friday faves - elephant man

It’s a beautiful, disturbing charcoal dream: a silent howling woman in a slow-motion blur of hair and teeth, pounding gears and hissing steam, the haunting roar of an enraged elephant. It’s the opening scene of The Elephant Man, but the dream shares the gloom and rush of blood from a recurring dream I had as a kid, throbbing through my ears. In my dream a huge boulder thunders down a steep jagged butte headed for a tiny baby, sitting in a meadow at the base of the slope. A single hair on the top of the boy’s head plucks like a harp as the gigantic stone approaches; its looming shadow finally engulfing the infant’s oblivious form just as I wake up.

The film, based on fact and directed by David Lynch, remains an all-time favorite of mine since first seeing it nearly thirty years ago. In an outstanding performance John Hurt plays John Merrick, an abused, circus "freak" in late 19th century London, who is discovered by a physician, Frederick Treves, played by Anthony Hopkins. Merrick suffers from a congenital defect that has rendered him hideously deformed, crippled and dying.

Merrick is at first assumed an idiot, a simpleton. He lives behind a burlap bag with one oblong hole cut out to see beneath a slouching black cap. The rest of his body is hidden under a dark cape. He’s beaten, humiliated and abused by self-serving individuals throughout the film. He goes from being gawked at by circus goers, assaulted by his manager and nakedly scrutinized by curious physicians. At one point, Treves, who has taken Merrick under his wing, asks himself, “Am I a good man ... or am I a bad man?” for having subjected the innocent soul to the perverted ogling of some in high society. Yet, through all his tortures Merrick remains as grateful as one whose life had been saved, and indeed, his had been.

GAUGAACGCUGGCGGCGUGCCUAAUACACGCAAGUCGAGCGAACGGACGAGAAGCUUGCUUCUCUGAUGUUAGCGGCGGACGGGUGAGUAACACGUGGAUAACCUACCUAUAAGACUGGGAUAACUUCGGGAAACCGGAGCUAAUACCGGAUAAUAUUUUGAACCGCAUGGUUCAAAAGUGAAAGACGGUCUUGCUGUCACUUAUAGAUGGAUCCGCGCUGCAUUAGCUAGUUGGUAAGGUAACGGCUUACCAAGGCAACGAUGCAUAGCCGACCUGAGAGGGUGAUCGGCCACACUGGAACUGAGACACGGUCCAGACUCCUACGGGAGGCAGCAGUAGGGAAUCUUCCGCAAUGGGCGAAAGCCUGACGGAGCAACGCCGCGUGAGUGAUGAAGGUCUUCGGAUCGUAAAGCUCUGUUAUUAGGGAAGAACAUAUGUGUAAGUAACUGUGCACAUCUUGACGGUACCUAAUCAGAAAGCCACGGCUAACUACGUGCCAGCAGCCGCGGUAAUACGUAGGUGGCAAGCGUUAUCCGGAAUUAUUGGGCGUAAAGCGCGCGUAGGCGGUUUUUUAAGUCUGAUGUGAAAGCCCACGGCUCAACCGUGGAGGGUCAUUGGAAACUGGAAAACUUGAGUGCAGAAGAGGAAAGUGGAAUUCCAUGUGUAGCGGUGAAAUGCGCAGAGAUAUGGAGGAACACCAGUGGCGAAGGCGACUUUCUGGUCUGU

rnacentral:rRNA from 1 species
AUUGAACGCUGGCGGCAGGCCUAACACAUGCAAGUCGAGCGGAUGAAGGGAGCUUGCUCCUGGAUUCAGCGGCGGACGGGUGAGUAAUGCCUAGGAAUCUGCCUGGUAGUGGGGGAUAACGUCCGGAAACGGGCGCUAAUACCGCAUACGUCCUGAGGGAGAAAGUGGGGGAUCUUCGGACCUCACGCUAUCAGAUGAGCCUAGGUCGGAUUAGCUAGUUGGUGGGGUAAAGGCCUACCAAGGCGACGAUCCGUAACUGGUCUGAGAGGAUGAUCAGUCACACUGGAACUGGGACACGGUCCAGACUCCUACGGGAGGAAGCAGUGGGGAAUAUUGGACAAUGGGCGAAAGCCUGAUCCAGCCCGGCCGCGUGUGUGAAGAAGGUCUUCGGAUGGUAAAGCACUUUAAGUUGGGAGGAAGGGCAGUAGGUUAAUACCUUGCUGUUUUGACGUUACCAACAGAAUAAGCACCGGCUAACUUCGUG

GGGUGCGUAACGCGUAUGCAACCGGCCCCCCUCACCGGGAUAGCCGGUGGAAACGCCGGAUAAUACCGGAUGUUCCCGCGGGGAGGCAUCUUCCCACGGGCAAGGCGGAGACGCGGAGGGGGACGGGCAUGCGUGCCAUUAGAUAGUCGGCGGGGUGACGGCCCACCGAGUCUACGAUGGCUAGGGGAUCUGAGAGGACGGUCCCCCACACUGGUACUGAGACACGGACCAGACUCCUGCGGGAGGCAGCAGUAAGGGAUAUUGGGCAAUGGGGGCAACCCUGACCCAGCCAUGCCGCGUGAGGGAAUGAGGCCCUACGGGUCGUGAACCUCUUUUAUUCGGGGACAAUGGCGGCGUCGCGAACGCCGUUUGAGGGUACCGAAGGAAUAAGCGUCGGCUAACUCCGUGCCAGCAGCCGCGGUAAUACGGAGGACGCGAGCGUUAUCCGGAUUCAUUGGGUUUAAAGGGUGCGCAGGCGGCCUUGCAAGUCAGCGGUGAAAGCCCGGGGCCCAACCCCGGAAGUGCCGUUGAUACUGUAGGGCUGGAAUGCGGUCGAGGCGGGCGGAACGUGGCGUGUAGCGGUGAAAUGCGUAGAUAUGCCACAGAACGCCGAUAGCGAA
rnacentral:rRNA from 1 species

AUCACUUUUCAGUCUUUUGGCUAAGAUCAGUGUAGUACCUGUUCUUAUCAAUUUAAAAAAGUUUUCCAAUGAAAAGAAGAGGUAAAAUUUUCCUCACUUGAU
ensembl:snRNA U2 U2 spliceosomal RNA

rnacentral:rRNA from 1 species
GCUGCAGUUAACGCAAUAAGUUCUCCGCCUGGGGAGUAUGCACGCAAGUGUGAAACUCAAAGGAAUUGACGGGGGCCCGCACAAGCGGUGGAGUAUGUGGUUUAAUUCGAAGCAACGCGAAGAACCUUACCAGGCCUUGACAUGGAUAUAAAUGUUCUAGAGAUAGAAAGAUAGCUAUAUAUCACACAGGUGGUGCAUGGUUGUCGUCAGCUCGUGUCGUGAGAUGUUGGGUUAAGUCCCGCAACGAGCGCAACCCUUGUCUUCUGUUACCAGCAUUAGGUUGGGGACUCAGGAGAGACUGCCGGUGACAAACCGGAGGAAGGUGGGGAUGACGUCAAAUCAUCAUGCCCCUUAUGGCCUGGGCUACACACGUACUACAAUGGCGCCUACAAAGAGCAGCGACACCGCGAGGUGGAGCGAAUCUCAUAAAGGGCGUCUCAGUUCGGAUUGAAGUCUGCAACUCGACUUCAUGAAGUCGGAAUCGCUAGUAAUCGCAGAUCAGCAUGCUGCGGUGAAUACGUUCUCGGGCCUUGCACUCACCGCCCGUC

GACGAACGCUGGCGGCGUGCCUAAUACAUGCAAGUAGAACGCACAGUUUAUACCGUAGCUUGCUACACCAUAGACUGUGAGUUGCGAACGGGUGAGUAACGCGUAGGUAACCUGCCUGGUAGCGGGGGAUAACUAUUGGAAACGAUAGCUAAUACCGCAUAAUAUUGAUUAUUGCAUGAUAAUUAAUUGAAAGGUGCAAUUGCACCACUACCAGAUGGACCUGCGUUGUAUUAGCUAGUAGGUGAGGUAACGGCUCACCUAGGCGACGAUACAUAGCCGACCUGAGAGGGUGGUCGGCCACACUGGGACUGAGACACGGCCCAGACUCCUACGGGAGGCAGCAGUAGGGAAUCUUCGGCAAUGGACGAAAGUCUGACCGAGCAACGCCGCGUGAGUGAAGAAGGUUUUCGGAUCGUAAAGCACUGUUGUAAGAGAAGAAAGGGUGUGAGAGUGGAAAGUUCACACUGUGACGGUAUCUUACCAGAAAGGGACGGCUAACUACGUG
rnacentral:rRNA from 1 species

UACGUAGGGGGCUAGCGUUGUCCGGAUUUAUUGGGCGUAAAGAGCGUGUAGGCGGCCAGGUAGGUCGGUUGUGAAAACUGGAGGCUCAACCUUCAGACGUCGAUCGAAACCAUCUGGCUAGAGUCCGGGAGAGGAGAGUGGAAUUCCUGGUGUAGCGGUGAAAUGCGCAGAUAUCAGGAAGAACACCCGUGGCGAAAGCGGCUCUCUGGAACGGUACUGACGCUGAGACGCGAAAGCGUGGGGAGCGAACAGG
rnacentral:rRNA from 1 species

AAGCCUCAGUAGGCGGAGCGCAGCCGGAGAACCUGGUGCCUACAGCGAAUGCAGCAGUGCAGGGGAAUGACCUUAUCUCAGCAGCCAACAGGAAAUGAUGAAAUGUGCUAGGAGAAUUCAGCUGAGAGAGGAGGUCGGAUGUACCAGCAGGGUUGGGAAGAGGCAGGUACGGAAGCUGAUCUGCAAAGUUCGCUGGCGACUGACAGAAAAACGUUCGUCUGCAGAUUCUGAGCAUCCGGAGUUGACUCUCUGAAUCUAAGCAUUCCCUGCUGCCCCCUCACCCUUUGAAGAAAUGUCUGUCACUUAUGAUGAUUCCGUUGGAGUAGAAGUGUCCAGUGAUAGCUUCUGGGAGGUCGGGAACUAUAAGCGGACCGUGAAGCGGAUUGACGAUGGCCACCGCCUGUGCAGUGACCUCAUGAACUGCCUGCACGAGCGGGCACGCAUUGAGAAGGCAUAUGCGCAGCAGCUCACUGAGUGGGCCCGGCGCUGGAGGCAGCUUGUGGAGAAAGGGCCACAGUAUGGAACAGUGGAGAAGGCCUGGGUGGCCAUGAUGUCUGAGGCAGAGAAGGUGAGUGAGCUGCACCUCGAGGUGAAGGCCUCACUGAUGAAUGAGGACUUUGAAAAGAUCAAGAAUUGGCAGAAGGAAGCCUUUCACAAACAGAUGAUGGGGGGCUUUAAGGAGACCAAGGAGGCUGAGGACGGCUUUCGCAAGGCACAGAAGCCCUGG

Watching, I found myself entranced by Merrick’s left arm and hand that appear and function normally. I was spellbound by his hand’s beauty and perfection revealed in shocking juxtaposition to the rest of his disfigured, monstrous form. For me, his hand became the oddity and I could not avert my gaze. And in his slender fingers I saw beauty and grace that mirrored itself in his gentle spirit, his kind heart, if not even in his perseverant, lopsided, dragging gait.

Midway through the film I heard Calvin whimper in his sleep. I ran upstairs to learn he had dirtied his diaper. Michael came to help. Half asleep, our sweet boy rubbed his head, stretched and writhed in a dreamy drugged-up stupor. His cheeks were pink, his hair tussled, his belly soft and smooth as dough. He’s so beautiful, I thought, so innocent, and I kissed his warm forehead. My heart winced with love as I realized, gazing at him, that my boy’s brain is as messed up as the elephant man’s contorted frame.

I wondered about that recurring dream; imagined it as some sort of harbinger or omen of what was to come, of some gigantic invisible rock that had smashed my boy’s brains to smithereens, provoking seizures, yet somehow preserving the utter perfection of his body. And I realized that these two innocent souls, John Merrick and little Calvin, are the same: both crippled, disabled, devastated, yet both filled with the kind of love and grace and beauty sometimes difficult to discern in the ordinary.

Originally published 02.27.12.

Joseph Carey (John) Merrick , August 1862 – April 1890

1 comment:

  1. I, too, loved that movie and haven't seen it in a long time. I wonder if it's appropriate for my sons? I have an "anchoring" element in my book (that I've been writing for years) -- a woman who used to fall down and seize on my college campus. At the time, I didn't know anything about epilepsy, but I seemed to see her fall and seize over and over during my four years there. I never knew her name but can see her clearly in my mind's eye nearly thirty years later -- prescient?